Yvonne Brennan

What these seven inspiring women learned from their mums

A dash of mother's wisdom can go a long way.

Last Updated: 07 Mar 2016

Its Mother’s Day today and who better to learn from then the women who brought us onto this earth? Seven of the high achievers who will be gracing the stage at MT’s Inspiring Women Edinburgh conference this month share the biggest pearls of wisdom they picked up from their mums.

Poppy Mitchell-Rose, associate director, freuds, and former adviser to the chancellor of the exchequer 

'My mum has been a real inspiration to me. She has worked hard all her life, turning her hand to different many professions, all fitted around school runs, homework and holidays. She is a true entrepreneur, though would be too modest to think of herself as such.

'She’s been a decorator, a curtain maker, sold paint and wallpapers, set up a costume jewelry company, catered, developed property and spent many years running a bed and breakfast, which was voted the best in Scotland. I’m very proud of her. Her advice? "Say yes to everything."'

Jenny Campbell, CEO & owner, Yourcash Europe

'Having a working mother, who looked after three children as well as the house, was always going to teach me to have a strong work ethic. My mother had a day job and a night job, which saw us all through private education.

'And even though she began to struggle with arthritis in her mid-forties, she remained brave and mischievous to the end. Her advice was always to focus, to stay strong, to never back down, but also never forget to have a sense of fun.'

Susie Wolff, former test driver, Williams F1

'My mother and grandmothers were great role models who taught me to dream, work hard & never give up.'

Vicky Pryce, chief economic advisor, CEBR

'My mother told me how she had spent interminable hours learning to play the piano, but what she really wanted to do was to go to university after the war. But she was stopped by her family from doing so. So she decided that for her children education was key - no ‘waste of time’ piano lessons for us as a result.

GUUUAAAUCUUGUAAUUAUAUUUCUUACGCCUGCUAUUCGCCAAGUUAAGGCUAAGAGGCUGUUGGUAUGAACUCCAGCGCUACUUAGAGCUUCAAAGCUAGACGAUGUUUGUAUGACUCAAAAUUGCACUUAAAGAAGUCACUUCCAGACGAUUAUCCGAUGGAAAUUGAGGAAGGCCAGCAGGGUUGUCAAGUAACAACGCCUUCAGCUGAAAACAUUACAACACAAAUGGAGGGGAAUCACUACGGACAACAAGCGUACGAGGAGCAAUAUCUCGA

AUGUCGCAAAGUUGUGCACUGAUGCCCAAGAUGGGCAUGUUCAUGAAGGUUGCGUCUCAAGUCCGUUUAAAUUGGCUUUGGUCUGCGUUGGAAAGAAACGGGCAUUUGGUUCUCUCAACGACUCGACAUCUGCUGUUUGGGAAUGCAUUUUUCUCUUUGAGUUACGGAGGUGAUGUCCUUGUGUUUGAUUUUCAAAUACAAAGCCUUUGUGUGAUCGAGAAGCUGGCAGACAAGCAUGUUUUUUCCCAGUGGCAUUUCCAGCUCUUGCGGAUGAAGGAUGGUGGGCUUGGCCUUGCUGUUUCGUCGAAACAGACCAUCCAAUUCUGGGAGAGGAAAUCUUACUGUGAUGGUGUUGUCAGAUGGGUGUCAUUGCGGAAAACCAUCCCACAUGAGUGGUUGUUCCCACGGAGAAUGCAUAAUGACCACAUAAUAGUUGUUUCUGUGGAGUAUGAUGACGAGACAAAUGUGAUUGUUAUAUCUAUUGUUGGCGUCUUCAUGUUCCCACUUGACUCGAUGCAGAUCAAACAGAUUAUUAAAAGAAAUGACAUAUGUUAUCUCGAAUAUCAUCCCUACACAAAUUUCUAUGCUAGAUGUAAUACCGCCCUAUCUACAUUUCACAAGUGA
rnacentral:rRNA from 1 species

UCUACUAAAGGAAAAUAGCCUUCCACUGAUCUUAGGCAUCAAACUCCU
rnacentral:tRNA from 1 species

'I benefited from that single mindedness in my academic and business career as she treated us al l- boy and girls alike in this respect. But I have always felt that we could have done both and it shaped the way I run my life. We should as women be able to do well in many things - as mothers and breadwinners at the same time for example-as long as we don’t expect perfection in everything we do or made to feel guilty if we don’t achieve it.'

Sarah Heward, owner, the Real Food Cafe

'My Mum has always been there for me despite our differences on occasions , she and my late Dad have always supported me through thick and thin and without them I would have undoubtedly gone out of business on more than one occasion. They have supported me emotionally and when the chips were down and Clydesdale Bank wanted to pull our overdraft they stepped in and helped me shore up the company financially.

'Probably one of the most powerful pieces of advice my Mum ever gave me was when she strongly advised me not to make any hasty decisions in the face of trauma. In this case, it was the sudden death of my husband and business partner, Steve Wolsey. I was keen to sell the café in a hurry as I couldn’t face carrying on without him in the immediate aftermath of his death. I am very glad that I listened to her and didn’t go for a distressed sale of the business at that awful time.'

Yvonne Brennan, director of marketing, Redefine BDL Hotels 

'"Dress for the job you want" has encouraged me to put on the (ironed) bright colours in the morning when heading up a team of be-jeaned developers and designers. I was also always encouraged to "pick up the phone," which I try to instil in my team in order to build relationships, get stuff sorted (quickly) and convey difficult messages which are lost in emails.'

Caroline Jones Carrick, director, TEV Project

'My mother is full of opinions and aphorisms. "In a crisis, put on your 'oxygen mask' before helping others. It seems selfish but it's the opposite." She said this often in the early years with my son Sam. "Family life is a lot like business: you can't do everything and you need breaks, so make sure it's a team effort." And one Christmas, "Trust me, this microscope is a lot more interesting than Malibu Barbie." She was right of course!'

Hear more nuggets of advice at MT's Inspiring Women conference in Edinburgh on 17 March.


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